A university uses accounts and passwords to authenticate to many services on their campus. The account/password credential satisfies some but not all requirements of the InCommon Silver IAP. The university also issues one-time-password (OTP) devices to faculty and staff. The devices are considered to be single-factor because the device does not require a second factor of authentication for activation. The OTP devices are issued using an in-person process that is designed to meet all the identity-proofing requirements for InCommon Silver. During the issuance process, the Subscriber's university account is linked to a registration record for the OTP device. At authentication time, the user must enter their university account/password combination and must prove possession of the OTP device by entering the generated one-time-password string. The university asserts that the OTP device and its supporting infrastructure meets or exceeds the requirements for InCommon Silver.

Multi-factor problem statement

Since the IAP does not specifically address multi-factor implementations, it is not clear whether both factors used in a multi-factor implementation must meet all requirements for InCommon Silver, or whether it is sufficient for only one factor to meet the requirements. The answer may lie in whether the addition of the factor which does not meet Silver requirements strengthens or weakens the security of the authentication process.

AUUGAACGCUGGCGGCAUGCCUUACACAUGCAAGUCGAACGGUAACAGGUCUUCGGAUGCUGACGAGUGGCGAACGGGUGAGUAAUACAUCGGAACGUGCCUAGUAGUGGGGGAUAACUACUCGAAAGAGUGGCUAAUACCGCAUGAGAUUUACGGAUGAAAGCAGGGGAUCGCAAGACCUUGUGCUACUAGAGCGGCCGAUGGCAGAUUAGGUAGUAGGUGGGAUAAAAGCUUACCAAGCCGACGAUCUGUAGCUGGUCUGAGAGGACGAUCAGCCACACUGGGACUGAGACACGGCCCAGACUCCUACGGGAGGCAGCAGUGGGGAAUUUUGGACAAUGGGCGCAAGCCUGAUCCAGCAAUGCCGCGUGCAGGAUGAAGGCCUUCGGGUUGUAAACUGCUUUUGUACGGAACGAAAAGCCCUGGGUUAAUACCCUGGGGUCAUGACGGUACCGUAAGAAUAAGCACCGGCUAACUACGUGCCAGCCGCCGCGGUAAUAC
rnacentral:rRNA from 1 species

Example 2

A university issues personal X.509 certificates on a USB hardware token device -- a multi-factor cryptographic device according to NIST [SP 800-63]. A password is required in order to activate the device. In order to obtain a certificate on the token, eligible Subjects must bring identifying documents in person to a registration station, where the identity proofing procedures are designed to comply with InCommon Silver. The technical environment and all aspects of the registration and enrollment process are designed to comply with the InCommon Silver profile.